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A man walked into a hotel late one night and asked for a room. The hotel manager told him the hotel was all booked up.
“We’ve only got one room left,” he said. “It’s on the 13th floor, but we don’t rent that one because it’s haunted.”
I’ll take it,” said the businessman. “I don’t believe in all that nonsense about ghosts.”
The man took the key and went up to the room to get some sleep. As soon as he turned off the lights and got into bed, he heard the closet door squeak open. A pale, ghostly figure emerged from the closet and staggered forth, its fingering dripping with blood.
“Bloody fingers! Bloody fingers!”, it moaned.
When the man laid eyes on this horrible sight, he grabbed his suitcase and ran out of the room, still wearing his pajamas. left the hotel that very night.
The next night an old woman arrived at the hotel very late at night. The manager told her the same thing.
“We’ve only got one room left, but it’s on the 13th floor and we don’t rent it because the room is haunted.”
“Sonny, I’ve seen a lot in my day,” she told him. “Trust me, nothing could possibly bother me.”
As soon as she switched off the lights and got into bed, the closet door creaked open and a ghastly figure stepped out. Its fingers were still dripping blood all over the floor.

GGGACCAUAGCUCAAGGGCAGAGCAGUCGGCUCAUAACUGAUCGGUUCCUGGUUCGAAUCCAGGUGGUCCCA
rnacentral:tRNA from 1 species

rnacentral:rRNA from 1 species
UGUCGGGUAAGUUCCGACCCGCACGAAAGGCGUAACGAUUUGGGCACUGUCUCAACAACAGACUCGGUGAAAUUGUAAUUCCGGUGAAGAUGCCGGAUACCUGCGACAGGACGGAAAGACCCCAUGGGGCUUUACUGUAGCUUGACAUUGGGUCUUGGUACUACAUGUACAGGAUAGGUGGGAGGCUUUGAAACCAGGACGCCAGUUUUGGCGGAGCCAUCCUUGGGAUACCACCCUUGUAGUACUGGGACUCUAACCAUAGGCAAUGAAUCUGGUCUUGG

“Bloody fingers! Bloody fingers!”, it moaned.
The old woman shrieked and ran as fast as her legs could carry her.
A week later a teenage boy arrived at the hotel very late. He also took the haunted room despite the manager’s warning. He paid for his room, got the key and headed upstairs. After he had unpacked, he took out his guitar and began to strum some tunes.
Soon, the closet door creaked open and the ghost appeared. As before, its fingers were bleeding, soaking the carpet with blood and it was moaning, “Bloody fingers! Bloody fingers!”
The boy didn’t pay any attention to the ghostly figure. He just kept strumming his guitar.
The ghost kept moaning, and its fingers kept bleeding. “Bloody fingers! Bloody fingers!”, it moaned.
Finally, the boy stopped playing the guitar. He looked straight at the hideous apparition and said, “Shut up and get yourself a Band-Aid.”
Patchett knows how to write a family drama. She takes a seemingly average plot - the story of a grand estate and the impact it had on its owner's lives and spins it into a deeply intriguing story with a cast of characters worth rooting for. Characters Danny Conroy and his sister, Maeve, grow up in the architectural masterpiece that is the Dutch House, a 1920s mansion in Elkins Park, Pennsylvania. Its grand windows offer any passerby a look inside. After the death of their mother, Danny and Maeve are abandoned by their father's new wife, Andrea. Left penniless, the siblings grow prosperous on their own, occasionally driving by their childhood home to stare and wonder what could have been. The story details how this beautiful house changes the family dynamics over time. It both creates and kills dreams. I truly enjoyed this read, it is the perfect fit for this upcoming colder autumn days. -Claire Zito, Bookseller
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